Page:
In the South-Western District of Kiryandongo, multinational companies including Agilis Partners Limited, Kiryandongo Sugar Limited, and Great Seasons SMC Limited with funding from The United States Agency for International Development (USAID), The Department for International Development (DFID) of the United Kingdom, and Common Fund for Commodities among other financiers are forcefully evicting more than 35,000 people. The eviction has been on since 2017.

Workers that worked on a World Bank Project in Soroti, in the far east of the country, are accused of sexually harassing minors. Several young girls were defiled and left pregnant. Despite the government being aware of this none of the pedophiles have been brought to book, the World Bank-funded project in the Eastern Town of Soroti left several underage girls defiled and impregnated.

In late 2020, residents of Kawaala zone II woke up to the hail of armed men and graders evicting and destroying their properties to implement a multimillion-dollar project funded by the World Bank. The project is being implemented by the Kampala Capital city Authority (KCCA) on behalf of the government of Uganda.

The above-listed and other projects, on the other hand, continue to perpetuate violence and judicial harassment against leaders of Project Affected Persons (PAPs) and community land and environmental rights defenders because of their work that resists illegal evictions and destruction of the environment among others.

Although project implementers such as government entities accuse local communities of occupying land targeted for projects illegally, in most cases victim communities have rights over these pieces of land because their settlement on the same land can be traced to have happened generations ago.

No matter how people are negatively impacted being by these harmful projects, financiers continue to release more money to the government and investors. The banks aim at profit margins other than the livelihoods of the people. In Bulebi village, Mbazi parish, Mpunge Sub County in Mukono district, Akon’s futuristic city is about to lead to the eviction of over 1000 residents whose entire lives have been built on their land.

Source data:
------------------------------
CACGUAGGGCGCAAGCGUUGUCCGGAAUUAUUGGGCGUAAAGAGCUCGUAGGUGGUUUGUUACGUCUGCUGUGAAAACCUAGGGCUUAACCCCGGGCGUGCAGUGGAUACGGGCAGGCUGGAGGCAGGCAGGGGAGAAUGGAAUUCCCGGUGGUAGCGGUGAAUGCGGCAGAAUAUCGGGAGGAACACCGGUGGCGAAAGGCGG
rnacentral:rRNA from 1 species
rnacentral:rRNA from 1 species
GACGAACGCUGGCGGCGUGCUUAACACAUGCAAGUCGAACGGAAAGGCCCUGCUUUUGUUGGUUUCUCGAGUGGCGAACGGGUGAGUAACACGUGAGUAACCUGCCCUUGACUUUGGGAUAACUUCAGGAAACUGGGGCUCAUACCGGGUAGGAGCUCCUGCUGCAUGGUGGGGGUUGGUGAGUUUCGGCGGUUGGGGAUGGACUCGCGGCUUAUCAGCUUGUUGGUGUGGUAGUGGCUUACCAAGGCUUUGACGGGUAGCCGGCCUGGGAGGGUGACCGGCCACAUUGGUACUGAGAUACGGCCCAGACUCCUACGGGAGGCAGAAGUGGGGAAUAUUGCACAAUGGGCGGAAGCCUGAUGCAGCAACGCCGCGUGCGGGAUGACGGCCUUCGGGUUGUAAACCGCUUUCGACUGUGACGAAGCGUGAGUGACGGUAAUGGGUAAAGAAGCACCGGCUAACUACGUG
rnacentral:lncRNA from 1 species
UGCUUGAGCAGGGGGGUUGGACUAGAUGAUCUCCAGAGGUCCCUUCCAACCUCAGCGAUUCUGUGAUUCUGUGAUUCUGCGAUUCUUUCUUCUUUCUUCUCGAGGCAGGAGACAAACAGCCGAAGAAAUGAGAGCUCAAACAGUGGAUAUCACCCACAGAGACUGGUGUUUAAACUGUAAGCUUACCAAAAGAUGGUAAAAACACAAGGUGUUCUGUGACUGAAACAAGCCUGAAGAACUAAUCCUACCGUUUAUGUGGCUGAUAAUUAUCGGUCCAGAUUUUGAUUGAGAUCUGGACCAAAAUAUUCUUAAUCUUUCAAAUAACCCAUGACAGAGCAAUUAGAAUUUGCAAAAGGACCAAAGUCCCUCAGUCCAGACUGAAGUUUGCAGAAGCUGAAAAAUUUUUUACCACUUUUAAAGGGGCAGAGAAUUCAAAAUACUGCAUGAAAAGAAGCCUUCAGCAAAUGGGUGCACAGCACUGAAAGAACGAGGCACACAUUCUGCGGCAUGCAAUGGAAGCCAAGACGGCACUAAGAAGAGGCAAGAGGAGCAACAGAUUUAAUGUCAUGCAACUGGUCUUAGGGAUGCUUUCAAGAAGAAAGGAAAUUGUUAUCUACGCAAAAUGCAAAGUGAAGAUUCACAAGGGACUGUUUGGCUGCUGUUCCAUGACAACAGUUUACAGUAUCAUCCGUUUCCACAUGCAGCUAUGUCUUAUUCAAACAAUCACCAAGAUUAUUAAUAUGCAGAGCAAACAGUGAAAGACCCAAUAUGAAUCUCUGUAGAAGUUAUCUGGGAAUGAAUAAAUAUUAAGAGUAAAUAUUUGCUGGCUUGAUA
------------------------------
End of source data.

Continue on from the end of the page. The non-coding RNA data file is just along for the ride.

In April last year, American rapper Aliaune Damala Badara well known for his stage name AKON visited Uganda in search of land for constructing the city. On the same business trip, he met President Museveni Yoweri Kaguta and expressed his interest in building a futuristic city with its currency. The president ordered the Ministry of Lands, housing, and urban development to look out for free land for his city.

However, on 7th Jan 2022, the Uganda Land Commission showed the Minister for Lands, Housing, and Urban Development “Hon Judith Nabakooba” land that was proposed for the Akon city. According to the Uganda land commission, the land is Freehold Volume 53 Folio 9 measuring I square mile.

This has sparked outrage amongst the affected as they were never consulted or consented to allow the project in their community. According to community members that Witness Radio interviewed, they said they heard the distressing news of Akon city through the Media.

The community said no official from the ministry has ever approached them about their land giveaway. “Our country is full of land evictions and evictors begin in that way. There has been no official coming on the ground to officially inform us about the project and neither have we heard any official communication of compensation.” Obori said.

Residing in the attractive village surrounded by freshwaters, the community asserts this has been the source of livelihood and advised the government to get alternative land for the City.

Controversies surrounding the land giveaway and ownership of the area still exist. A section of residents have protested and vowed not to surrender their land for the City. They claim to have acquired freehold titles from the Mukono lands board.